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Linux/Windows dual-boot in 2020

Linux/Windows dual-boot in 2020

STrRedWolf
Helpful | Level 5

It's 2020.  It's time to update the question:  Can Dropbox use NTFS partitions in Linux again?

 

There's old text.  There's too many bug reports. Nothing recent.

 

"Linux uses different ways to store metadata than Windows."  That's a code problem and there are tools to address it easily enough.  Linux can access NTFS partitions with ntfs-3g. It even supports extended attributes via an easily-added mount option.  Date/time stamps can be translated, and detecting if the RTC date is UTC or local is easy (it's in configuration files).   In other words, it's an invalid excuse.

 

So, do we try this again?

3 Replies 3

Re: Linux/Windows dual-boot in 2020

Jay
Dropboxer

Hi @STrRedWolf, thanks for posting on the Community!

 

The Dropbox desktop application can only access the following file systems on a Linux device:

  • ext4
  • zfs (on 64-bit systems only)
  • eCryptFS (back by ext4)
  • xfs (on 64-bit systems only)
  • btrfs

NTFS isn't supported on Linux devices since the original change.

 

 

Let me know if you need any more info!

 


Jay
Community Moderator @ Dropbox
dropbox.com/support


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Re: Linux/Windows dual-boot in 2020

STrRedWolf
Helpful | Level 5

Yes.  I need a lot more information.  Namely, why?

 

Ext4 has nanosecond resolution for file timestamps. So does btrfs, XFS, ZFS, and any overlay file system using those as a base.  Translating that to UTC or local time is a code problem (yes, I've done it, there's too many libraries out there).

 

NTFS has 100 nanosecond resolution (worse), set from 1601-01-01 00:00:00.00 UTC. The ntfs-3g driver supports driving that down to full nanosecond resolution as of 2010.  All can be pulled via statx(2) and set by utimensat(2).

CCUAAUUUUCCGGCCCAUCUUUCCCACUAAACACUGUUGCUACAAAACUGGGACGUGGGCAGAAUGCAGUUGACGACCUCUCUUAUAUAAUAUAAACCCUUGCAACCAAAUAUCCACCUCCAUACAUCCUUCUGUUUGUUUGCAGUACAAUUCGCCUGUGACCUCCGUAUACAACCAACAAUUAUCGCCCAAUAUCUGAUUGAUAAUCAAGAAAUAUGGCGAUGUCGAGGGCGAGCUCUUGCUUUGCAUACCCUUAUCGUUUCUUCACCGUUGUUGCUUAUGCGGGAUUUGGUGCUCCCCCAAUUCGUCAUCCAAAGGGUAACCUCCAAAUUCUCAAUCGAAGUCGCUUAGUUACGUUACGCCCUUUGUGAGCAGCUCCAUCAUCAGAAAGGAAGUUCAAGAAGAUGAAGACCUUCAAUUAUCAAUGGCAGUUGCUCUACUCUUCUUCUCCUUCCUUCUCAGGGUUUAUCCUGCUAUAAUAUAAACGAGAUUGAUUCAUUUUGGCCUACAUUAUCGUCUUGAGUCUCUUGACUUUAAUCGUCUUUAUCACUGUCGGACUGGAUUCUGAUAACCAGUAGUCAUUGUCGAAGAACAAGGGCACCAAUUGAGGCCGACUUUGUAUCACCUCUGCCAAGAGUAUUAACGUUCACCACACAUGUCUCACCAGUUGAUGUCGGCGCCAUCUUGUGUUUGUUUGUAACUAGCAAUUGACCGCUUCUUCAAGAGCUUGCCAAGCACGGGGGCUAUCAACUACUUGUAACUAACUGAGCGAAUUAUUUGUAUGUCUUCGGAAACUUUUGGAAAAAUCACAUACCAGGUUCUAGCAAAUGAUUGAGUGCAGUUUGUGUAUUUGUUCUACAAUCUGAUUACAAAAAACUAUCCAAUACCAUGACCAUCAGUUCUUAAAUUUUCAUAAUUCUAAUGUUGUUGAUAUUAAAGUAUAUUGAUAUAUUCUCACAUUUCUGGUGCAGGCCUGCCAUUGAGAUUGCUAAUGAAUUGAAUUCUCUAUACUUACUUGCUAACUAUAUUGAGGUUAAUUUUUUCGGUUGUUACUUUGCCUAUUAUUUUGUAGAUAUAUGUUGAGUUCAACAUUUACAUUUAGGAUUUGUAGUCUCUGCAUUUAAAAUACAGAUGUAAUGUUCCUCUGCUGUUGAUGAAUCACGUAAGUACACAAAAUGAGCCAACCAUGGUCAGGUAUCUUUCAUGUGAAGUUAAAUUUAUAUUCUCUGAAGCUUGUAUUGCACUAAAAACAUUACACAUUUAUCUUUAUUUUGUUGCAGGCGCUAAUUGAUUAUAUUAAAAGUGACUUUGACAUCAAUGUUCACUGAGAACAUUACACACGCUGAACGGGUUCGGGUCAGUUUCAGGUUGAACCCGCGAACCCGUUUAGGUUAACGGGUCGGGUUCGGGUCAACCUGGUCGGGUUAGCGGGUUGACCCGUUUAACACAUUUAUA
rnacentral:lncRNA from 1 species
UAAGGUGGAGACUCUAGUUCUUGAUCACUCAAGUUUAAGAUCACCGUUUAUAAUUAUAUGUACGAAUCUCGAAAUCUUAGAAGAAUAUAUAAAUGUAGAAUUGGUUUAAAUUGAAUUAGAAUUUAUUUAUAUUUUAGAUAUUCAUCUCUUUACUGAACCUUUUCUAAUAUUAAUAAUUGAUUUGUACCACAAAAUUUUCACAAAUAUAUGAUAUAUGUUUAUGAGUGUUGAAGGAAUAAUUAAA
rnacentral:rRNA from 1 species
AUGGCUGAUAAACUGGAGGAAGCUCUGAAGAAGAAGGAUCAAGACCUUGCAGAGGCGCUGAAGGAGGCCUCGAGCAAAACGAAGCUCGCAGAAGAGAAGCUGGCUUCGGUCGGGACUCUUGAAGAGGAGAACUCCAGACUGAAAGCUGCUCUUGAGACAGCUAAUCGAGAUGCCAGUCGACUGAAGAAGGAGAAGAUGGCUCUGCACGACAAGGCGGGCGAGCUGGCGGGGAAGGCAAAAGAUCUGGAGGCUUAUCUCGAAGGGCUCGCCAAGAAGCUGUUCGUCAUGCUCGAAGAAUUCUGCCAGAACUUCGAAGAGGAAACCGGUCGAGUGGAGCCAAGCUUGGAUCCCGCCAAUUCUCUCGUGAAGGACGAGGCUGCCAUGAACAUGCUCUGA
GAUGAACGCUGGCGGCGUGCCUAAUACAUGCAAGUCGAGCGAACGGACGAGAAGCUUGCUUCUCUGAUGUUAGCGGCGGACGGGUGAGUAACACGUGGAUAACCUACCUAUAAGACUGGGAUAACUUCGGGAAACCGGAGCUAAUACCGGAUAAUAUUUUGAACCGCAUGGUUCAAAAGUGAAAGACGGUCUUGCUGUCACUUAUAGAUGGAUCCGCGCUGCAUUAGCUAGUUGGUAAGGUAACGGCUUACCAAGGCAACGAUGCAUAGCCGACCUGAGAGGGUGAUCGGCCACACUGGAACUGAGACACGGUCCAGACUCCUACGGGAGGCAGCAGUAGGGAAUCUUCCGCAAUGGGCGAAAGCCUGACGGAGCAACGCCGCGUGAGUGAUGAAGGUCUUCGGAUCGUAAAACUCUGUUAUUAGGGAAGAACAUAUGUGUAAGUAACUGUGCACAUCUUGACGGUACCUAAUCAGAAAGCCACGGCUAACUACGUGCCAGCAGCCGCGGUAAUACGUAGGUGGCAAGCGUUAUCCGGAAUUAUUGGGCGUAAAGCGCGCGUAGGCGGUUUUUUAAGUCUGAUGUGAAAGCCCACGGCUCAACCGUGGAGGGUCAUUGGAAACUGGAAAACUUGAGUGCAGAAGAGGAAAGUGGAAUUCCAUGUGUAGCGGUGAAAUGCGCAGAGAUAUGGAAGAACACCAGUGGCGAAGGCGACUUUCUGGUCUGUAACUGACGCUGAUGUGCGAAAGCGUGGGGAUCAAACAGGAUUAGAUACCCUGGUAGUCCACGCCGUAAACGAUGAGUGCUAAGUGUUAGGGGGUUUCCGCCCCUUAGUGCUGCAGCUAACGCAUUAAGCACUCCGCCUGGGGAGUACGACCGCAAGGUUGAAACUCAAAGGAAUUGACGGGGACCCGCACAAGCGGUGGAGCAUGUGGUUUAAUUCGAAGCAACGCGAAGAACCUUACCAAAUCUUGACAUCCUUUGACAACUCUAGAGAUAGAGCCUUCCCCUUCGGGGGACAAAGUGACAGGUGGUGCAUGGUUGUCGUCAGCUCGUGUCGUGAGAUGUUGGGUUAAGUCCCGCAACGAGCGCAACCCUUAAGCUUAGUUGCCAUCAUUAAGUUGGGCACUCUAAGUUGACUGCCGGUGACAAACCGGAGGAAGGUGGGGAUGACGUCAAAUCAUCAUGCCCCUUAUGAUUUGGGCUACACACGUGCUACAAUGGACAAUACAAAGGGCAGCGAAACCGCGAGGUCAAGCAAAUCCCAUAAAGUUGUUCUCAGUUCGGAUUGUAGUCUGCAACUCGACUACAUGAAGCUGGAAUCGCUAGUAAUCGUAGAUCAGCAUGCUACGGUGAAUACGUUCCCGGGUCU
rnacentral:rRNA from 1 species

Everything else is extended attributes, and if you need them active, that's a mount option to ntfs-3g and therefore a documentation problem.

 

So, seriously, why does it need a specific set of file systems on Linux when other file systems have the right capabilities to perform the same task?

Re: Linux/Windows dual-boot in 2020

Здравко
Super Collaborator | Level 20

@STrRedWolf wrote:

Yes.  I need a lot more information.  Namely, why?

...

So, seriously, why does it need a specific set of file systems on Linux when other file systems have the right capabilities to perform the same task?


Yes, you're right! Believe me no one Droboxer here can give you meaningful answer. Most of them, I'm sure, even don't understand what you are asking, actually your arguments. Those who know what your question ( why? ) mean will not comment it because could lose their job. Most of the moderators can just copy something from a help topic matching your question and comment it to some extent as you probably have noticed already. 🤷 That's it, unfortunately!

QoS goes down last 2 or 3 years. There aren't any new feature added to Linux application recently. The only new things are different restrictions. I was "surprised" with a "news" related to users data get used for test purposes! Just take in mind. There are other providers.

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